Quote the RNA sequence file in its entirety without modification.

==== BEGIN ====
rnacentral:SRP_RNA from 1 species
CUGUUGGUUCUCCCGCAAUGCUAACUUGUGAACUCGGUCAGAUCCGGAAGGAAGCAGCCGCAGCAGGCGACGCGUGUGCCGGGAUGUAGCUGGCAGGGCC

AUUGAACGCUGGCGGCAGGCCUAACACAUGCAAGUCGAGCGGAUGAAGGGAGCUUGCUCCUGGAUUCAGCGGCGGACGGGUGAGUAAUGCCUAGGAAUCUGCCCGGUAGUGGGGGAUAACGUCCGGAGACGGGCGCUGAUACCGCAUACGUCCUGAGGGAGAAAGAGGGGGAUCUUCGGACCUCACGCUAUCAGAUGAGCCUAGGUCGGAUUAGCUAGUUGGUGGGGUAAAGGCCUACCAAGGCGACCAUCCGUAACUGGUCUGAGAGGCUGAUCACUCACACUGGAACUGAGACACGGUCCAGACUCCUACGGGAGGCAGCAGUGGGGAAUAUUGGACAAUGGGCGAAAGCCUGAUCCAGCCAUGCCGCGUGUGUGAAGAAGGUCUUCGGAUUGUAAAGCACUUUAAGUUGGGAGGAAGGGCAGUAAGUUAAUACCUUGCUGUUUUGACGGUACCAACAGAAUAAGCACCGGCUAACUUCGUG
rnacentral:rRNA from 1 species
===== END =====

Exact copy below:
rnacentral:SRP_RNA from 1 species
CUGUUGGUUCUCCCGCAAUGCUAACUUGUGAACUCGGUCAGAUCCGGAAGGAAGCAGCCGCAGCAGGCGACGCGUGUGCCGGGAUGUAGCUGGCAGGGCC

AUUGAACGCUGGCGGCAGGCCUAACACAUGCAAGUCGAGCGGAUGAAGGGAGCUUGCUCCUGGAUUCAGCGGCGGACGGGUGAGUAAUGCCUAGGAAUCUGCCCGGUAGUGGGGGAUAACGUCCGGAGACGGGCGCUGAUACCGCAUACGUCCUGAGGGAGAAAGAGGGGGAUCUUCGGACCUCACGCUAUCAGAUGAGCCUAGGUCGGAUUAGCUAGUUGGUGGGGUAAAGGCCUACCAAGGCGACCAUCCGUAACUGGUCUGAGAGGCUGAUCACUCACACUGGAACUGAGACACGGUCCAGACUCCUACGGGAGGCAGCAGUGGGGAAUAUUGGACAAUGGGCGAAAGCCUGAUCCAGCCAUGCCGCGUGUGUGAAGAAGGUCUUCGGAUUGUAAAGCACUUUAAGUUGGGAGGAAGGGCAGUAAGUUAAUACCUUGCUGUUUUGACGGUACCAACAGAAUAAGCACCGGCUAACUUCGUG
rnacentral:rRNA from 1 species